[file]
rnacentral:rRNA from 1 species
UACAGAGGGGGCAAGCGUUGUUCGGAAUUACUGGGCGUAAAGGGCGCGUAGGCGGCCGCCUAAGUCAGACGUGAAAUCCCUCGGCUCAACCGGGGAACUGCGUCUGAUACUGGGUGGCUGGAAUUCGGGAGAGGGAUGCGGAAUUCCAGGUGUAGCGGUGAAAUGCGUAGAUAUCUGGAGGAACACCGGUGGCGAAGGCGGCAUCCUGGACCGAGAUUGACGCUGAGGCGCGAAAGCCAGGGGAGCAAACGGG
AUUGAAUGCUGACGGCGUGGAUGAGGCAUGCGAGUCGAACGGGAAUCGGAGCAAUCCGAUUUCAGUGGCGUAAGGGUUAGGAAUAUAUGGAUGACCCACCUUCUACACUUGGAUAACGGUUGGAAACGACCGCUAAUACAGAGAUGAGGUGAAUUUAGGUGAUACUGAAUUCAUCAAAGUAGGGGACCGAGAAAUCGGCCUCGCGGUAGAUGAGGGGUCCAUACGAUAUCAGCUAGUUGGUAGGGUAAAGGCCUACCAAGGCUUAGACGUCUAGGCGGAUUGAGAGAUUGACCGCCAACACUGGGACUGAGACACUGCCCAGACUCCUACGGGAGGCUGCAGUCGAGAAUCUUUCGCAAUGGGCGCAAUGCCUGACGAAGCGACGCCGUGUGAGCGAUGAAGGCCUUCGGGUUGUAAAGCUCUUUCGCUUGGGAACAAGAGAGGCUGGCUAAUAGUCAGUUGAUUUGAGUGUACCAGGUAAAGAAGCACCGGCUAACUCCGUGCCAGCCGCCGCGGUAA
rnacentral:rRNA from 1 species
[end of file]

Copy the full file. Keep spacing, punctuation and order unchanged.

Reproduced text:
rnacentral:rRNA from 1 species
UACAGAGGGGGCAAGCGUUGUUCGGAAUUACUGGGCGUAAAGGGCGCGUAGGCGGCCGCCUAAGUCAGACGUGAAAUCCCUCGGCUCAACCGGGGAACUGCGUCUGAUACUGGGUGGCUGGAAUUCGGGAGAGGGAUGCGGAAUUCCAGGUGUAGCGGUGAAAUGCGUAGAUAUCUGGAGGAACACCGGUGGCGAAGGCGGCAUCCUGGACCGAGAUUGACGCUGAGGCGCGAAAGCCAGGGGAGCAAACGGG
AUUGAAUGCUGACGGCGUGGAUGAGGCAUGCGAGUCGAACGGGAAUCGGAGCAAUCCGAUUUCAGUGGCGUAAGGGUUAGGAAUAUAUGGAUGACCCACCUUCUACACUUGGAUAACGGUUGGAAACGACCGCUAAUACAGAGAUGAGGUGAAUUUAGGUGAUACUGAAUUCAUCAAAGUAGGGGACCGAGAAAUCGGCCUCGCGGUAGAUGAGGGGUCCAUACGAUAUCAGCUAGUUGGUAGGGUAAAGGCCUACCAAGGCUUAGACGUCUAGGCGGAUUGAGAGAUUGACCGCCAACACUGGGACUGAGACACUGCCCAGACUCCUACGGGAGGCUGCAGUCGAGAAUCUUUCGCAAUGGGCGCAAUGCCUGACGAAGCGACGCCGUGUGAGCGAUGAAGGCCUUCGGGUUGUAAAGCUCUUUCGCUUGGGAACAAGAGAGGCUGGCUAAUAGUCAGUUGAUUUGAGUGUACCAGGUAAAGAAGCACCGGCUAACUCCGUGCCAGCCGCCGCGGUAA
rnacentral:rRNA from 1 species